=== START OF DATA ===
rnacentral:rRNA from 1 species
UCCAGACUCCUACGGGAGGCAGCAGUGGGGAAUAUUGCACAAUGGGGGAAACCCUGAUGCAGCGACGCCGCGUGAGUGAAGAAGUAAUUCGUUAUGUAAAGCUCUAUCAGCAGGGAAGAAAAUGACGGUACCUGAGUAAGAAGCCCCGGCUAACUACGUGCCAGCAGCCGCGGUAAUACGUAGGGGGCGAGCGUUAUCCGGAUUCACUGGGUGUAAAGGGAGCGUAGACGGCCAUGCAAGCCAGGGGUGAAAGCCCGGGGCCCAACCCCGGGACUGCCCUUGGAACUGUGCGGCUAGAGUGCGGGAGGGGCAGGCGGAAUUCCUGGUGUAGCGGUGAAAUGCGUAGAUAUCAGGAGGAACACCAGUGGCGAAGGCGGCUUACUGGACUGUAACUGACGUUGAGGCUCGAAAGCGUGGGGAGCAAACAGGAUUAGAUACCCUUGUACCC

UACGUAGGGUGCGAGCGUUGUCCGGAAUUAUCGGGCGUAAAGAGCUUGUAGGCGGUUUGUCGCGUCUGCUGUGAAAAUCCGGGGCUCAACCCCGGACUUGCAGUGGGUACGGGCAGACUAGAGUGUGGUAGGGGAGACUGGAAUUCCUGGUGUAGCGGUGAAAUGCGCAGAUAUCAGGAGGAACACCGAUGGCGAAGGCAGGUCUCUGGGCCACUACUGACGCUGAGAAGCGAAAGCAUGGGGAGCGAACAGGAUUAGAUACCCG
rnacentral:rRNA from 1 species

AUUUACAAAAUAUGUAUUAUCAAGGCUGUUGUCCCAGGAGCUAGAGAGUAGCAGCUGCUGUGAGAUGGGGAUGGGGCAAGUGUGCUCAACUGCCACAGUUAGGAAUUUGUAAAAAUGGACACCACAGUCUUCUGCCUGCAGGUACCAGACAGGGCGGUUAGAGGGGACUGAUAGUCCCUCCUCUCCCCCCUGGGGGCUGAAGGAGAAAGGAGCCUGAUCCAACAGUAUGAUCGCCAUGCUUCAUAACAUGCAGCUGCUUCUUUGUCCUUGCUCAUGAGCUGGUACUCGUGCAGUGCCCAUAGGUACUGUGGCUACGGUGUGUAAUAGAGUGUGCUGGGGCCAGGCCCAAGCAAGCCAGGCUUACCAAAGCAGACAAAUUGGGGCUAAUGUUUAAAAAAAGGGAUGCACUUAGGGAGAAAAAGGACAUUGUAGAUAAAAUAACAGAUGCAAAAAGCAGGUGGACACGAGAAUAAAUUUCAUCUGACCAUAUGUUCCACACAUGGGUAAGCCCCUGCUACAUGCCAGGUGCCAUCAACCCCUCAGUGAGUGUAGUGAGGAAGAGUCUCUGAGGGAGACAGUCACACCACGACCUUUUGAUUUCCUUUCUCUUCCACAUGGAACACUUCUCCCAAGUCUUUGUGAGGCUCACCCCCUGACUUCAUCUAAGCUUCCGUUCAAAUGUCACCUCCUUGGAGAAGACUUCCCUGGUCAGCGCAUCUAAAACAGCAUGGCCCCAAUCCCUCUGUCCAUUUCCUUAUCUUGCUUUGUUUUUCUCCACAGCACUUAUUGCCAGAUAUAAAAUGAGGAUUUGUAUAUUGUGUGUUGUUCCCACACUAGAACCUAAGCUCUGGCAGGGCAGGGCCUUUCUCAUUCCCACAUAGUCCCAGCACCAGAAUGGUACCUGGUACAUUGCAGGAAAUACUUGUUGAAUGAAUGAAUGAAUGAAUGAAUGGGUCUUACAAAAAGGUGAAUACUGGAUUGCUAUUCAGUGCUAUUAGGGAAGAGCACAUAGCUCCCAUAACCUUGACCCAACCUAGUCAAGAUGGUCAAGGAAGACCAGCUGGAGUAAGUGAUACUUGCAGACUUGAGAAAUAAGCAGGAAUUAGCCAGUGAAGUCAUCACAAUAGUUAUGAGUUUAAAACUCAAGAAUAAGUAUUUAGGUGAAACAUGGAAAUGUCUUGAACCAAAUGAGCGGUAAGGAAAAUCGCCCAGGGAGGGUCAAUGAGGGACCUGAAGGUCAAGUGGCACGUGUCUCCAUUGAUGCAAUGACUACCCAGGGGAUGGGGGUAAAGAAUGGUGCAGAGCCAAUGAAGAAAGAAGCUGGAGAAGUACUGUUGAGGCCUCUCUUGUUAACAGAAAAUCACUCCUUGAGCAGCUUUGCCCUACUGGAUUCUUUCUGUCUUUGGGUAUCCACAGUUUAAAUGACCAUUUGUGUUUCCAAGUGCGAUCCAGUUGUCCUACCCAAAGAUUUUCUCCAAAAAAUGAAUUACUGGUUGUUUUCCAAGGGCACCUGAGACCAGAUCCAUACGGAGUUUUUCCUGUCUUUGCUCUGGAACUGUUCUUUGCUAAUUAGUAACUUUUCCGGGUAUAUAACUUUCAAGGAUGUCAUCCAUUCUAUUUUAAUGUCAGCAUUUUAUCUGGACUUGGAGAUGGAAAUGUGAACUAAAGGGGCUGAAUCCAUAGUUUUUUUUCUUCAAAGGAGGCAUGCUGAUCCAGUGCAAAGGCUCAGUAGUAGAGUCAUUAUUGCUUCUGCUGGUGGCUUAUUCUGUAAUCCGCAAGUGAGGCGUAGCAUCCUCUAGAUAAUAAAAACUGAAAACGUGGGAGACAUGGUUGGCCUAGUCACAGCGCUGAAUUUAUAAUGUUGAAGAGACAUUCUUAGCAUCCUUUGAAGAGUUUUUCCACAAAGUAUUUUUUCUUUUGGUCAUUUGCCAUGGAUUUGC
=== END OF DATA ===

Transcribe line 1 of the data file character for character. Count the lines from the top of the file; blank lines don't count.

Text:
rnacentral:rRNA from 1 species